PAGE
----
The Place-Specific Activity of Place Cells Does Not Require Signals From the Otolith Organs

Document Type

Poster Session

Presentation Date


Conference Name

2014 Neuroscience Meeting Planner

Conference Location

Washington, DC


Program No. 848.12/UU27

Hippocampal place cells represent perceived location within an environment, and are thought to contribute to spatial memory. This representation is typically controlled by visual information, but is abolished by damage or inactivation of the vestibular system. This vestibular contribution may originate in the semicircular canals or otolith organs, or both, but no studies have directly tested the contribution of each vestibular component to place cell function. We investigated the otolithic contribution to place cell function by recording hippocampal cells in freely moving tilted mice, which have dysfunctional otolith organs. Male homozygous tilted mice and their heterozygous littermates were implanted with 4 moveable tetrodes to record the activity of single neurons within the hippocampus. Following a 1-2 week recovery period, neuronal activity was recorded across 5 trials (1-Standard, 2-Cue Rotation, 3-Standard, 4-Darkness, 5-Standard), after which the electrode bundle was lowered ≈50μm to record a putatively different subset of cells on the following day. Single-neuron spike activity was isolated offline. For each isolated neuron, the position of the mouse at the time of each action potential was used to produce a Firing Rate X Place map of the arena. Spatial information content and coherence values were calculated for each rate map to determine whether that cell’s activity was significantly modulated by location under the different conditions. These measures, along with spatial correlation between trials, were used to determine whether place cell activity remained stable across trials or were differentially modulated by the conditions. Numerous place cells were identified in both control and tilted mice. Spatial information content and spatial coherence values did not change significantly across trials, and place field position was dominantly controlled by the visual cue card for both groups. Both groups also had many cells that maintained their place-specific activity in darkness. These results suggest that signals from the otolith organs are not necessary for the location-specific activity of hippocampal place cells in light or in darkness.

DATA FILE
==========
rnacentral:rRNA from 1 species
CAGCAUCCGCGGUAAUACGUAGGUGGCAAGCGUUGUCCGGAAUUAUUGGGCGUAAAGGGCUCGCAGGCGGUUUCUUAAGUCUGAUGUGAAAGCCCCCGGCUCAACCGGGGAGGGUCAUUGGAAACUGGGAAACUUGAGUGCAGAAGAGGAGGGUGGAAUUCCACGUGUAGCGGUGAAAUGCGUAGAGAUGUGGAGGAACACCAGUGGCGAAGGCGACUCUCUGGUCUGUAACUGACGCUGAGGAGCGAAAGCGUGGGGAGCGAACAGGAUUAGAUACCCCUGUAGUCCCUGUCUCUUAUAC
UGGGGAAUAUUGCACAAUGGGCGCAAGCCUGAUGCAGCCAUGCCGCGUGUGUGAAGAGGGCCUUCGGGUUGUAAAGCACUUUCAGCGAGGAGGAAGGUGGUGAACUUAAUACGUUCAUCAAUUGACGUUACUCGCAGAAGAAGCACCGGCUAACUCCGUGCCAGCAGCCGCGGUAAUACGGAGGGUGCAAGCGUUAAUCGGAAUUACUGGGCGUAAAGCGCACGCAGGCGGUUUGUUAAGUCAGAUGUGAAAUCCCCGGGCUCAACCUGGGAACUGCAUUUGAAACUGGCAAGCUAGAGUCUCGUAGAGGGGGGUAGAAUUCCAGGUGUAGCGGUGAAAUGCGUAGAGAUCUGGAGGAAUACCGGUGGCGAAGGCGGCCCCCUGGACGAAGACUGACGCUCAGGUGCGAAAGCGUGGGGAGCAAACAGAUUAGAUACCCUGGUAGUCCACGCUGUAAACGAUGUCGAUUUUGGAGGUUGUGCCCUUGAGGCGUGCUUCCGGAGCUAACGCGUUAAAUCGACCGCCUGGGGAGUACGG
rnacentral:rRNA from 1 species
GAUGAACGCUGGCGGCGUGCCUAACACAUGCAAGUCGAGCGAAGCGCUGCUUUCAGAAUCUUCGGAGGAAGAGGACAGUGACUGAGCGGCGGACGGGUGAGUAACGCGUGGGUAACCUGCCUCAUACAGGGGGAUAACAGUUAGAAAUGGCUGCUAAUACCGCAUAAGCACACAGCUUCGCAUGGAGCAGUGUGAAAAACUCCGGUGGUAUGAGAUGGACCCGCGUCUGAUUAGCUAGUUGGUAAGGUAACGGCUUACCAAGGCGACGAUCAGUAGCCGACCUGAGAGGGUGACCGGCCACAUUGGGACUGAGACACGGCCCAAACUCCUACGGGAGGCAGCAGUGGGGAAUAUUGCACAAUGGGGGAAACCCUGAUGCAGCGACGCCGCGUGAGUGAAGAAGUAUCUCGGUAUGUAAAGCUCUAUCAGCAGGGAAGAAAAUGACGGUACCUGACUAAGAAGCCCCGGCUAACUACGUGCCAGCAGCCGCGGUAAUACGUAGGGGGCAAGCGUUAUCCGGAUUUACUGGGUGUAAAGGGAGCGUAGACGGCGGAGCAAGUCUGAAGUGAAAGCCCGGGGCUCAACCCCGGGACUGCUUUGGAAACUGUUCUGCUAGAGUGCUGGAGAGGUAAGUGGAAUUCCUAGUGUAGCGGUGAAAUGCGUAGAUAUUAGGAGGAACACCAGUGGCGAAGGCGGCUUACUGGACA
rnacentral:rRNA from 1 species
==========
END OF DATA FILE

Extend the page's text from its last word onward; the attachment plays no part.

Vestibular, Place Cells, Spatial Orientation



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